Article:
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Time In Range — Not HbA1c — Should Guide Most Diabetes Treatment Decisions

Diabetes Product Manager | Shield HealthCare
09/14/21  12:25 PM PST
time in range CGM

Original article on Helio.com

Clinicians should consider temporary continuous glucose monitoring for any person with diabetes to assess their time spent in the recommended glucose range as an effective guide for treatment decisions, according to a speaker.

HbA1c may underestimate or overestimate a person’s glucose levels, does not reveal glycemic variability and has limited utility for insulin dosing decisions, George Grunberger, MD, FACP, MACE, chairman of the Grunberger Diabetes Institute in Bloomfield Hills, Michigan, said during a presentation at the Heart in Diabetes CME Conference. HbA1c is also unreliable for people with hemolytic anemia and iron deficiency and for those who are pregnant. HbA1c correlation with mean glucose can also vary among racial backgrounds.

“CGM has come of age and is rapidly becoming standard of care, right now, for people with diabetes on intensive insulin regimens,” Grunberger told Healio. “Hopefully, soon it will also become standard for people prescribed any insulin and sulfonylurea therapy — those at risk for hypoglycemia — and eventually replace finger sticking, just as finger sticks superseded urine tests.”

Researchers and clinicians now have a new challenge: to expand the knowledge base for CGM beyond showing increased time spent in the target range — defined as between 70 mg/dL and 180 mg/dL — and minimizing time in hypoglycemia, Grunberger said.

“The challenge is to show improved hard outcomes [with CGM], both in terms of micro- and macrovascular complications of diabetes,” Grunberger told Healio. “This is necessary to justify the use of technology and especially for reimbursement by payers.”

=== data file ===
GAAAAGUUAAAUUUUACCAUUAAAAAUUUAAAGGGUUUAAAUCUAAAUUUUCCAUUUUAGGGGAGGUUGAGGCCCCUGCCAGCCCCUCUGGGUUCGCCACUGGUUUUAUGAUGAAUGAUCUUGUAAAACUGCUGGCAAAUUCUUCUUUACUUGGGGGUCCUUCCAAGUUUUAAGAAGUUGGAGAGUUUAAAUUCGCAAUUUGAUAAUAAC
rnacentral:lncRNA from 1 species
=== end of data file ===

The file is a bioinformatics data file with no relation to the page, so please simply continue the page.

Greater time in range; fewer complications

Data from many studies show that a higher HbA1c is associated increased risk for CV complications and CV mortality, yet the measurement has proven unreliable, Grunberger said.

“The problem is that HbA1c is a strange animal,” Grunberger said during his presentation. “People like it … but if you look at three patients with the same HbA1c of 8%, and then look at their CGM profiles, you will see clearly that they are very different.”

Time in range emerged as a prominent theme among diabetes experts as early as 2016, when the American Association of Clinical Endocrinology convened a consensus conference on CGM to determine new standard simple metrics that could inform therapy adjustment and “get away from HbA1c culture,” Grunberger said.

Ten to 14 days of CGM data, with about 100 glucose readings per day, are necessary to build a “decent” daily profile and inform diabetes management decisions.

“The duration and the number of points have to be there to have something to work with,” Grunberger said.

In one of the first studies to assess risk for diabetes outcomes associated with time in range, published in Diabetes Care in 2018, researchers assessed time in range among hospitalized patients with type 2 diabetes using blinded CGM. Those in the highest quartile, defined as time in range of at least 86%, had the lowest incidence of mild, moderate or vision-threatening diabetic retinopathy.

“That was the first glimpse that maybe time in range can be associated with some diabetes-specific complications,” Grunberger said.

In a study published in Diabetes Care in 2019, researchers evaluated the associations of time in range with development or progression of retinopathy and microalbuminuria using the Diabetes Control and Complications Trial data set — calculating time in range from finger sticks —to validate its use as an outcome measure. In that study, researchers found time in range was “strongly associated” with the risk for microvascular complications and should be an acceptable endpoint for clinical trials.

“Every 10% drop in time in range was associated with a 64% increased risk for retinopathy; likewise for every 10% drop in time in range, there was a 40% increased risk for albuminuria.”

Data also show time in range is associated with prevalence of carotid intima media thickness, CV mortality, and peripheral nerve function in type 2 diabetes.

Potential cost savings

An analysis from the IQVIA Core Diabetes Model showed the potential cost savings of $6.7 billion to $9.7 billion over 10 years if time in range improved from the current average of 58% to 70% or 80% for people with type 1 and type 2 diabetes, when also factoring in the reduction in hypoglycemia.

“Most think of CGM in terms of added cost, but few think in terms of projected potential cost savings,” Grunberger told Healio.

References:
Beck RW, et al. Diabetes Care. 2019;doi:10.2337/dc18-1444.
Lu J, et al. Diabetes Care. 2018;doi:10.2337/dc18-1131.

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